Planet Formation around a Binary Star: How Baby Planets Deal with Gravitational Forces
Researchers have taken a closer look at planet formation around a binary star. Using ALMA, astronomers have learned a bit more about the very early stages of planetary formation.
Astronomers struggle to understand how planets form in binary star systems. Early models suggested that the gravitational tug-of-war between two stars would actually send young planets into eccentric orbits, and possibly eject them completely from their home system. Now, though, researchers have found that planets do form in these systems and actually maintain surprisingly stable orbits.
In order to better understand how these systems form and evolve, astronomers used ALMA to take a new, detailed look at the planet-forming disk around HD 142527, which is a binary star that's about 450 light-years from Earth in a cluster of young stars known as the Scorpius-Centaurus Association.
This system consists of a main star a little more than twice the mass of our sun and a smaller companion star that's only about a third the mass of our sun. The two stars are separated by about one billion miles, which is a little more than the distance from the sun to Saturn. Previous ALMA studies of this system revealed surprising details about the structure of the system's inner and outer disks.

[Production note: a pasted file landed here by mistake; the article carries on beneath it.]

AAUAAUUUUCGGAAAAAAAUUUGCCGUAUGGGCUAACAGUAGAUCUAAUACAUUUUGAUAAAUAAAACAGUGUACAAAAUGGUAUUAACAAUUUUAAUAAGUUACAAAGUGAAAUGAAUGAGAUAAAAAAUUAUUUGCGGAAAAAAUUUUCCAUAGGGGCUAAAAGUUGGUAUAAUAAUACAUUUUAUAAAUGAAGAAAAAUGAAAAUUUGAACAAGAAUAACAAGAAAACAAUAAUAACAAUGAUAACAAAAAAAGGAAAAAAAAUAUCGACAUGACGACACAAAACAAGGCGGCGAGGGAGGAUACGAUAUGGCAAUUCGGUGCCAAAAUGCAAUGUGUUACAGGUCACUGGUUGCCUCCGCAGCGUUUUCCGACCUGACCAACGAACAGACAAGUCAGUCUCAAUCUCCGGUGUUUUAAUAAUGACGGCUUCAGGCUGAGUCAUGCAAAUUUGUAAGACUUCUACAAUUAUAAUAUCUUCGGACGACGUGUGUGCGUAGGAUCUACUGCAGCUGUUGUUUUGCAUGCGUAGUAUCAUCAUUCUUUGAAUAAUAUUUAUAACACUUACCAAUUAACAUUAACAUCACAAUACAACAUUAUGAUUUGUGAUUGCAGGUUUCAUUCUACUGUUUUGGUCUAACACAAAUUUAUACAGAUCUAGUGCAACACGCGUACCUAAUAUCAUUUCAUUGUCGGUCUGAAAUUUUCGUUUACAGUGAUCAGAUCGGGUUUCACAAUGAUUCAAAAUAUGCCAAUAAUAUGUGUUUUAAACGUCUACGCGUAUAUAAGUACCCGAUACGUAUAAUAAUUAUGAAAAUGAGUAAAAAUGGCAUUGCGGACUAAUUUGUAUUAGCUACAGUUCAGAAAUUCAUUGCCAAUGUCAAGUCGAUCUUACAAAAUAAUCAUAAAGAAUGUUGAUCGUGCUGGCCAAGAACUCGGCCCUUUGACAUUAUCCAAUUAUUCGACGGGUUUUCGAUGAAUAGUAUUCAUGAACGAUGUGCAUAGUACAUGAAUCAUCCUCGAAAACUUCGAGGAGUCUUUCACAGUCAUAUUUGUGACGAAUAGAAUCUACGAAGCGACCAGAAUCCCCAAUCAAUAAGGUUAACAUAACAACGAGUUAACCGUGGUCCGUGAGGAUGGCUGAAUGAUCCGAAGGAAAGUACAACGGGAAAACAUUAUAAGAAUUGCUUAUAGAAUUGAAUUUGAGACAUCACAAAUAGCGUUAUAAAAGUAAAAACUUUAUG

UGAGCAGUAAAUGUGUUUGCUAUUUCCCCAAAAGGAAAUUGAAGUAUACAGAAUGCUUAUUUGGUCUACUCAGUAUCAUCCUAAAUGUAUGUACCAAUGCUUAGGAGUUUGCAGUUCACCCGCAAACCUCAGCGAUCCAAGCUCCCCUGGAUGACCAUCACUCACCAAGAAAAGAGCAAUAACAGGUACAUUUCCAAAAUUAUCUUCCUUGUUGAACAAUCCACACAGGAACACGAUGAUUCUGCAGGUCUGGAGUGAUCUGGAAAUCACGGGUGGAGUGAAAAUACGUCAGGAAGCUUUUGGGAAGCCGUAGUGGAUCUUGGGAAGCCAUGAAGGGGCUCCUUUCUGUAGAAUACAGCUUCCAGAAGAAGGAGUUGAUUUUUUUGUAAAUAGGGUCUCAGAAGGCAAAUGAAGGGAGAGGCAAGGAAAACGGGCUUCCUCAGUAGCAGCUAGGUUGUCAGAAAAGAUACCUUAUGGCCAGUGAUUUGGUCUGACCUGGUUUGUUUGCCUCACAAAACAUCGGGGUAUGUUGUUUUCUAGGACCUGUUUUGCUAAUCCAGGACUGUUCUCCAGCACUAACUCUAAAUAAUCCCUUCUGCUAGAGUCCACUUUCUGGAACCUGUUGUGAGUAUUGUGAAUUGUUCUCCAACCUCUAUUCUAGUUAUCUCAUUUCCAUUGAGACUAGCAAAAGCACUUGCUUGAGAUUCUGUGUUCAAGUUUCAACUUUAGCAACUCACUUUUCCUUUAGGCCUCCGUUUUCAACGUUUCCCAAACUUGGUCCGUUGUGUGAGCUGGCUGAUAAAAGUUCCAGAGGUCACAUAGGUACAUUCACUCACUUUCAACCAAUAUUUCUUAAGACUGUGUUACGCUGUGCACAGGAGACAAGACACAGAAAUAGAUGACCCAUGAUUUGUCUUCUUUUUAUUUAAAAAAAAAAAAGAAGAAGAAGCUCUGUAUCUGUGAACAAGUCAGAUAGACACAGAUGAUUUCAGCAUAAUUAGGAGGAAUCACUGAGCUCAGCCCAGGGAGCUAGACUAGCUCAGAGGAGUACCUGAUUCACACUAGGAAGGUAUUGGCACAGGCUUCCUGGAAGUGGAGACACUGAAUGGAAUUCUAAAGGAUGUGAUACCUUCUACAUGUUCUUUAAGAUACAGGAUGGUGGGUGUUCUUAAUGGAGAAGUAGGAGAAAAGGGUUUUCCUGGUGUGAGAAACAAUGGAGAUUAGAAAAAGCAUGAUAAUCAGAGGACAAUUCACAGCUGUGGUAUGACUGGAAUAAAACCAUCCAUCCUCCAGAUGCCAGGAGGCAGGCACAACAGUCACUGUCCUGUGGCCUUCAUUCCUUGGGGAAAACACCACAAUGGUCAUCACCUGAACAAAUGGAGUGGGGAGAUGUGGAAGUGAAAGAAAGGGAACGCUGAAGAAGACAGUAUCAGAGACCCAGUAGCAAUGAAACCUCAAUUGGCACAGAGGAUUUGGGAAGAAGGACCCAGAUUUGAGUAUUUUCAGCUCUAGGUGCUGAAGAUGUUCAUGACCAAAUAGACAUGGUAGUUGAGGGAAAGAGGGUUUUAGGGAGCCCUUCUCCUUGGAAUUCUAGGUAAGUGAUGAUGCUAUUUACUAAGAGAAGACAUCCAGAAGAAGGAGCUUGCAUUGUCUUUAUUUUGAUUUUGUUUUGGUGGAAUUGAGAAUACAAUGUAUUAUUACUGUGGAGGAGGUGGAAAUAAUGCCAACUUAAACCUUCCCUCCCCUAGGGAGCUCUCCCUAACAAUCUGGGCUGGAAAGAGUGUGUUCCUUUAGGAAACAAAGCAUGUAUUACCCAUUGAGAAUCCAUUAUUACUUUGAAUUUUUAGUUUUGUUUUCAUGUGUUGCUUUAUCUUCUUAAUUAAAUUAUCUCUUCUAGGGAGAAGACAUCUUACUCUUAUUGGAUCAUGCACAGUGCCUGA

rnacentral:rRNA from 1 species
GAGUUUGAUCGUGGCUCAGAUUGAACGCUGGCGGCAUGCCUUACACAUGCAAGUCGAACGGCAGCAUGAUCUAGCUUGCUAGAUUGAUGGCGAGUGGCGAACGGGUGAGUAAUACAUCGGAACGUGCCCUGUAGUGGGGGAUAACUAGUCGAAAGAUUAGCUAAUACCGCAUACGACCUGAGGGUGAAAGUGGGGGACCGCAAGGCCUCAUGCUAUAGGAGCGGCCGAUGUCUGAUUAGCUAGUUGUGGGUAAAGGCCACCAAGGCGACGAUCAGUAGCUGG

"This binary system has long been known to harbor a planet-forming corona of dust and gas," said Andrea Isella, one of the researchers, in a news release. "The new ALMA images reveal previously unseen details about the physical processes that regulate the formation of planets around this and perhaps many other binary systems."
The findings reveal a bit more about planetary formation. More specifically, it shows that the crescent-shaped dust cloud around the binary system may be the result of forces that are unique to a binary system, and may also be key to the formation of planets.
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